Note: This is the third in a series of interviews with industry leading scholars, CEOs, founders and consultants on the subject of managed. The interviews were conducted by Rob Cahill, CEO of the management-training and education firm Jhana. Find the first article here. Last week’s is here.
It’s easy to be awed by Anjanette Hill-Mendoza. With nearly two decades of experience in client success management at companies like Cisco WebEx, E-Trade and most recently as a VP at Glassdoor, she’s a professional force to be reckoned with. But we’ve all got to start somewhere, so I asked Anjanette to look back on her days as an inexperienced manager. Our conversation quickly turned to the fine art of delegation.
Many new managers, myself included, have struggled with delegation (to be honest, I’m still working on it). It turns out Anjanette is no exception. She says, “As a new leader, it is easy to become overwhelmed with the amount of work you have to do. The balance between understanding how much you personally own and how much you delegate is a delicate one.”
She describes a time at Cisco WebEx when her team was scaling rapidly and absorbing new acquisitions, processes and remote teams as far away as India. “Though I was spread incredibly thin, I was so new in leadership that I had a hard time initially trusting those on my team to take on some of the tasks needing to be done to keep the ship sailing smoothly. It was only after a rather frank conversation with my own leader that I realized, not only was I killing myself trying to get it all done and not doing any of it incredibly well, I was also denying my team members the ability to learn something new, empowering them to take on new tasks.”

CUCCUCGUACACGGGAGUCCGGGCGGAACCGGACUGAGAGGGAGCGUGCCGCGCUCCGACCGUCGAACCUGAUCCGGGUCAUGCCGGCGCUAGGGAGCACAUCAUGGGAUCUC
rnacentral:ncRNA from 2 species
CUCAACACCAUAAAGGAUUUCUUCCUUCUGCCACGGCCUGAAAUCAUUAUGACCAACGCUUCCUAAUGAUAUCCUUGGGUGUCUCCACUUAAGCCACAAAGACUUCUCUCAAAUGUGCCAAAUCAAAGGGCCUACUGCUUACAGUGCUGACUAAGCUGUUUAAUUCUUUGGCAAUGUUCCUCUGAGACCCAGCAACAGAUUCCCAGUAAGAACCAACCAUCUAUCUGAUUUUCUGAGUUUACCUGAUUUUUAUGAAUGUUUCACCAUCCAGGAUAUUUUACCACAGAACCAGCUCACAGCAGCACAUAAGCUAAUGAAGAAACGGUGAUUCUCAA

To become a more effective delegator, Anjanette spent a lot more time learning about her direct reports’ strengths and where they aligned to her department’s projects and priorities. It made all the difference.
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“This simple thing not only freed up the items on my plate, allowing me to be more strategic with our business, but allowed them to take on more projects that helped them grow professionally and gain visibility in the organization,” she says. “It literally changed the way we did business and propelled some of them in to new careers.”
This might sound like a lot of extra work, but according to Anjanette, it’s worth it. She states that understanding your team’s strengths, motivators and career goals is the most important thing you can do as a manager.
“It’s more important than understanding how to run your budget or how to look at a spreadsheet or even how your product works in everyday life. Without the people on your team, your business simply stops. They are truly the most valuable resource in your organization, so take the time to foster and grow them and with them. This will help you and your organization grow.”